devops

Trouble with the clock

You know what they say, time is money. But for us engineers, time needs to be correct. When it isn’t you lose a lot of it and thus money. Trouble with the time can even pop-up in unexpected places: Your lab.

The lab is a playground for software engineers where they get things done. Viewed by corporate IT as a necessary evil and block from the rest of the world. IT will generally give zero to no support for machines in the lab, so the engineers are left maintaining the machines themselves. Although they are creative, they are not the best operators.

The last thing I came across in our lab was trouble with the clock. The last months I noticed, when we had rapid build/test cycles, the latest build was not picked up by our machines that we’re running the tests on. In general it was OK, but when you needed it the most it sometimes failed to pick up the most recent build.

We have a fairly complex setup with different servers and agents. We have our Bamboo CI-server pushing our artifacts to the repository. On our build agents will let Maven poll the repository for the latest artifacts. The Maven Parent POM’s on our build agents are slightly different from the POM’s that the developers have on their machines. The agent POM’s allow getting SNAPSHOT build so we can move our not-released artifacts to our agents, for further processing and testing.

Over the past months the problem got worse so it was time to start investigating. The problem was quickly found: clock drift. Because our agents where in an IP range that had no access to the internet the default time sync servers where not accessible. In about half a year we had drift of about 30 minutes. So if we had a build/test cycle in that 30 minute slot we where testing an older release. Lets go over what happened:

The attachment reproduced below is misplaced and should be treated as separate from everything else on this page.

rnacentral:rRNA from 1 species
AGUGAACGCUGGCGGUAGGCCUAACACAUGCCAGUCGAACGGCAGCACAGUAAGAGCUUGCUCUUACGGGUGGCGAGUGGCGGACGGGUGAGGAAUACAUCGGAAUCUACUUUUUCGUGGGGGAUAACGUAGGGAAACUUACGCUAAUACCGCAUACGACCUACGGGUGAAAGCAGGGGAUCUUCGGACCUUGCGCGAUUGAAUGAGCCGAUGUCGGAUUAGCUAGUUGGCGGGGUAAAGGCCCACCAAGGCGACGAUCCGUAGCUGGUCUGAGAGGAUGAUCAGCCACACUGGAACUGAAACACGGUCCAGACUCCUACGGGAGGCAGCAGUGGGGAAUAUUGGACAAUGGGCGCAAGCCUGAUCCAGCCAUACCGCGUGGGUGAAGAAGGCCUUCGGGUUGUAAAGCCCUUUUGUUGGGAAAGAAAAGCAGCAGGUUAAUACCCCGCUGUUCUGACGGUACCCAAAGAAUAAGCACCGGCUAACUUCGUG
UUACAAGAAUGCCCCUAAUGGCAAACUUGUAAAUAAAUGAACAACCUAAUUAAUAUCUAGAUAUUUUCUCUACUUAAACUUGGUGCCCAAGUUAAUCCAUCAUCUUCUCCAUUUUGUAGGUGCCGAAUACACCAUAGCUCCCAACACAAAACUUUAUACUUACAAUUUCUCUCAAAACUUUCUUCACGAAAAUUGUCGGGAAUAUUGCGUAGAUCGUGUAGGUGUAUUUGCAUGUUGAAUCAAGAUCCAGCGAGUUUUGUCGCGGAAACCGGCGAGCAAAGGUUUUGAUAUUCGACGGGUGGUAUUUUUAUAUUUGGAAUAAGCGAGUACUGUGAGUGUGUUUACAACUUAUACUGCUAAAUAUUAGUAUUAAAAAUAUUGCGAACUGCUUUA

Cycle 1:

  • Bamboo Server (14:30) -> Repo (14:30)
  • Agent (14:35 + 30m drift) asks for new artifact, my last is from 9:12?
  • Repo -> I got a newer file (14:30)
  • Agent downloads, and saves to disk (14:35 + 30m drift = 15:05)

Cycle 2:

  1. Bamboo Server (14:45) -> Repo (14:45)
  2. Agent (14:50 + 30m drift) asks for new artifact, my last is from 15:05?
  3. Repo -> My file is older, it’s from (14:45)
  4. Agent uses the previous older version

The biggest problem was that this went unnoticed for a long time, because the problem only occurred when a new cycle is started on the same agent (we have multiple agents) within the slot created by the clock drift.

The solution is simple though, use one of your server that have access to the standard time-server and use that as a delegate for the sync requests.

# in not yet installed
sudo yum -y install ntp
# sync the time from your internal NTP server
sudo /usr/sbin/ntpdate -v 192.168.42.42
# edit the ntp config and start/restart the NTP deamon
sudo vim /etc/ntp.conf # set server to 192.168.42.42
sudo /etc/init.d/ntpd start
sudo /sbin/chkconfig ntpd on

Conclusion

Making sure that the clocks of your machines are in sync is not only a matter for the production server. It’s also important in your lab. It would be easier if IT didn’t disconnect the lab from the rest of the world, but this is just reality. We now added a new item on our agent build checklist: Make sure the machines a synced automatically with a sync server it can access. Could be an interesting feature for our Atlassian Bamboo CI server though: Send a notification to the admins that the agents have clock drift.

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